I will be a functioning church member.
Are you a church member?
Membership counts are important to churches for measuring growth, for stable revenue sources, for volunteers. And as church members, we expect the church to serve us in turn – to pray for us, to feed our spiritual growth, to teach our children, and to bring meals when we are sick or injured (to name just a few).
Now, before we go any further, I have a confession to make: I’m not actually a church member. At least, not officially.
Because in an official capacity, I’ve always thought of church membership as a denominational issue: Do you subscribe to Methodism, or perhaps Presbyterianism? Or maybe Catholicism. For me, the answer has always been: None of the above. This can likely be attributed to the fact that my first serious exposure to the Bible and theology was an interdenominational college study group. This gave me a wonderful foundation for engaging with and struggling with Scripture on a frequent and personal basis – but it also left me feeling a bit outside any single established church.
But in the first chapter of I am a Church Member, Thom S. Rainer wiped away all my preconceptions about church membership and belonging with his astute observation that church membership as actually biblically based – not social, economic, or even denominational. As a basis for his argument, Rainer cites 1 Corinthians 12:12-13, where Paul describes what it means to be church members (aka “the body of Christ”):
The human body has many parts, but the many parts make up one whole body. So it is with the body of Christ. Some of us are Jews, some are Gentiles, some are slaves, and some are free. But we have all been baptized into one body and one Spirit, and we all share the same Spirit.
In short, Paul says that is our belief in Christ and our acceptance of his Spirit into our hearts that binds us together and make us church members. So… I guess I am a church member after all?
Church membership doesn’t just end there though, because the Holy Spirit is anything but passive. In fact, in John 14:16-17, Jesus describes the Spirit as “the Advocate… who leads into all truth.” He says that the Spirit which lives in you and me, and every member of the church, is not a passive spirit – it is an advocate, a word which Merriam-Webster defines as “a person who works for a cause or group.”
What cause or group does the Spirit work for? 1 Corinthians 12 says that the Spirit works to help church members achieve two ends:
1. To serve the Lord (v. 5).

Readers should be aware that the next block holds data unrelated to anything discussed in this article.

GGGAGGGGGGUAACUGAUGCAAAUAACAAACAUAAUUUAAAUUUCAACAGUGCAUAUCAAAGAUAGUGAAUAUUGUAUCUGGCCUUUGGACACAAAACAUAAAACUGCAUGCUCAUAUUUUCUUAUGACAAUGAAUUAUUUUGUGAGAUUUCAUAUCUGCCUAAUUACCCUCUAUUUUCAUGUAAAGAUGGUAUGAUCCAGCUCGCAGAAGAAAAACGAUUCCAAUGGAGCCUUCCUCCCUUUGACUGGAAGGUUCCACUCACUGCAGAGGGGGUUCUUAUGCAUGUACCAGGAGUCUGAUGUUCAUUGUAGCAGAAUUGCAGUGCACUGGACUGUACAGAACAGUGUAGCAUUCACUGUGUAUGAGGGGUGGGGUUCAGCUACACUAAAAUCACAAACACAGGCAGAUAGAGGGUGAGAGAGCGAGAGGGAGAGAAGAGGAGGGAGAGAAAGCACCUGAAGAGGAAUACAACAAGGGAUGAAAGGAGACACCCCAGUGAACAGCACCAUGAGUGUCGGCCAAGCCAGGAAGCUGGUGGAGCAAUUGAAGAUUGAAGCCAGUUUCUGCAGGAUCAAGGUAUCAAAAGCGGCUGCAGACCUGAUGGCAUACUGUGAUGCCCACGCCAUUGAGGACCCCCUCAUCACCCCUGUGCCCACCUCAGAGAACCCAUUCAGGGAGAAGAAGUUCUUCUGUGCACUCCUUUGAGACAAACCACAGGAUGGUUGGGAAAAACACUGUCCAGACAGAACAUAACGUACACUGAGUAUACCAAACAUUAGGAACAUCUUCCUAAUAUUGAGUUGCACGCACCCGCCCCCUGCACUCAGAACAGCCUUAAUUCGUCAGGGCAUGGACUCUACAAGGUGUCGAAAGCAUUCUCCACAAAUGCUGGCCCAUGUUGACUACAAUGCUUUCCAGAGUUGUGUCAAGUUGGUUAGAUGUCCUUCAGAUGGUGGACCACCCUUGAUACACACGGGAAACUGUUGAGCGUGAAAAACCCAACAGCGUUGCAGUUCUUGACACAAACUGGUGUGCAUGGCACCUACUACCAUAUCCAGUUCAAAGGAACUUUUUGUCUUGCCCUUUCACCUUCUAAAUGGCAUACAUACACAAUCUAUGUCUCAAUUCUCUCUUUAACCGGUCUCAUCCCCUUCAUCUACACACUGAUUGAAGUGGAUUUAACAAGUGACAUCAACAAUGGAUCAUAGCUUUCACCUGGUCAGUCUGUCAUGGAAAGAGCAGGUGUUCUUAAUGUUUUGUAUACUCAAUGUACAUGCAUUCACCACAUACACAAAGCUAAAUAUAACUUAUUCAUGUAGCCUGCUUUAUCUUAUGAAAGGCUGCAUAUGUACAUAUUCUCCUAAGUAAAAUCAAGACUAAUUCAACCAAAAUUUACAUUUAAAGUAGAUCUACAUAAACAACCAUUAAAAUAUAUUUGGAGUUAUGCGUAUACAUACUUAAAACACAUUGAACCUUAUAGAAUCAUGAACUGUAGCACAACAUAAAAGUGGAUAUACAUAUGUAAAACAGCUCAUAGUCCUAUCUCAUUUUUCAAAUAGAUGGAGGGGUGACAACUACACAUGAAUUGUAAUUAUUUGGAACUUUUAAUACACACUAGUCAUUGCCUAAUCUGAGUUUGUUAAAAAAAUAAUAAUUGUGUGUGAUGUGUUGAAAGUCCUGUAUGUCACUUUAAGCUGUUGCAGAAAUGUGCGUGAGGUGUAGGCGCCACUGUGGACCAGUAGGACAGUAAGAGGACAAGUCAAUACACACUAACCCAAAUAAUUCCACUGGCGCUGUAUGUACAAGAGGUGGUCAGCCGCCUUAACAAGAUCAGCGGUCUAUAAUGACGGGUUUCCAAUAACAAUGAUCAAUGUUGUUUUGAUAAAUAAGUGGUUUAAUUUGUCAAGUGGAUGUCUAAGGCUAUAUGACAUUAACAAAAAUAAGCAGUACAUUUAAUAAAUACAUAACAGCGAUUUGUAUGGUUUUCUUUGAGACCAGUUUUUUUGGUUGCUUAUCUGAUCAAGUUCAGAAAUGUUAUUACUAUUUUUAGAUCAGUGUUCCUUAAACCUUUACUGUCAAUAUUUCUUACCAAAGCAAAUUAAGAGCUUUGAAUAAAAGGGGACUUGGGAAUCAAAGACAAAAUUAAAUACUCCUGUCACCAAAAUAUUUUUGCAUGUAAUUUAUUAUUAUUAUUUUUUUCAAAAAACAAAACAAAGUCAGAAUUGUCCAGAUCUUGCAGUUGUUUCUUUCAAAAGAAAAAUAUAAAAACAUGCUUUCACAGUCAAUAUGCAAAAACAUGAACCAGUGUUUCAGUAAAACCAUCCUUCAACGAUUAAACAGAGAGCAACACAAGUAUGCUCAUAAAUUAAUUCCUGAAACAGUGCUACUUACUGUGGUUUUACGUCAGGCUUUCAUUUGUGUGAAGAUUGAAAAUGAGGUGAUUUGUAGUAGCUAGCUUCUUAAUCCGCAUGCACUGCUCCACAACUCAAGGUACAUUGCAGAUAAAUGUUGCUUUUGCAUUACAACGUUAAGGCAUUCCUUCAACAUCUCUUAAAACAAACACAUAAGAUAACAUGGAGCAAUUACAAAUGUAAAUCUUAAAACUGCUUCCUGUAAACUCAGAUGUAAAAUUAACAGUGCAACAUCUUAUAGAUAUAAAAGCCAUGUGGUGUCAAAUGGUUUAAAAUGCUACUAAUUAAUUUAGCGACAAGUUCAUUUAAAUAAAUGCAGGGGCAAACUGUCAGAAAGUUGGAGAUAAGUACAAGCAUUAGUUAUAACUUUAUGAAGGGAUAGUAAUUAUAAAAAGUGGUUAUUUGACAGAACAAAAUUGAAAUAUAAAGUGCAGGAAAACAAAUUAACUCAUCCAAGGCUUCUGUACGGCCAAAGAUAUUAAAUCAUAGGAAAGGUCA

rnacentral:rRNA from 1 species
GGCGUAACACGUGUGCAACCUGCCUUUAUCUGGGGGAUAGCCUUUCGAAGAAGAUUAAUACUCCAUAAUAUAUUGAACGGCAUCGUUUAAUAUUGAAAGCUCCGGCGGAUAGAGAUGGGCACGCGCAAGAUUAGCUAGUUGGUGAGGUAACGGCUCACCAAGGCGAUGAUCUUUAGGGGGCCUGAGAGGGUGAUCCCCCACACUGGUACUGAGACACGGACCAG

2. To help each other (v. 7).
Or in other words, the Spirit works to help us fulfill the greatest commandment (Matthew 22:36-40):
“‘You must love the Lord your God with all your heart, all your soul, and all your mind.’ This is the first and greatest commandment. A second is equally important: ‘Love your neighbor as yourself.’ The entire law and all the demands of the prophets are based on these two commandments.”
Rainer goes on (in great and fascinating detail) to discuss spiritual gifts, and how they impact our ability to serve the Lord and help each other, but above all of these, he points out that Paul specifies one single thing that is “best of all” to help us fulfill this commandment: Love (1 Corinthians 12:31). (Ok, so he doesn’t actually say “love” there, but the entire following chapter sort of spells it out in not-so-subtle detail.)
I’ll be honest: This new context for reading 1 Corinthians 13 – the so-called “Love Chapter” – completely blew my mind. I (and most people, I assume) typically hear this chapter in the context of marriage, but Rainer emphasizes the fact that Paul wrote it in the context of church membership, and how we treat our fellow members. So what happens if we read it and hold ourselves accountable to that standard?
Be patient and kind to your fellow church members. Do not be jealous of them, do not brag about yourself to them, and do not be rude to them. Do not demand or expect to get everything YOU want from the church, or its members, and don’t be irritated or hold a grudge when things don’t go your way. Don’t be happy when unfair things happen (even if they’re in your favor), but always seek and rejoice in the truth. Never give up on your church, never lose faith in your fellow church members, always be hopeful, and stick by your church & its members through every circumstance (paraphrased from 1 Corinthians 13:4-7).
Gulp. I mean, I know I’m supposed to be kind and patient and forgiving to my husband, and to never give up on him. That is a tall enough order when it comes to the person I’ve chosen to be my one true companion in life. But… to the church elder who is always bossing people around? To the woman always nagging and trying to guilt me into volunteer in areas I am not spiritually gifted? To the pastor who was unfaithful to his wife?
Sure am double glad I never joined a church, now!
Except, by Rainer (and Paul)’s standard, I am a church member. So can I use the fact that I didn’t attend a little class and participate in a little ceremony as an excuse to shirk my duties to both my church and my fellow members? I suppose I have, and I can, and I could.
But there’s this saying that I like to toss around: “If we knew better, we would do better.” Now, I know what it means to truly be a church member. So now, I can do better.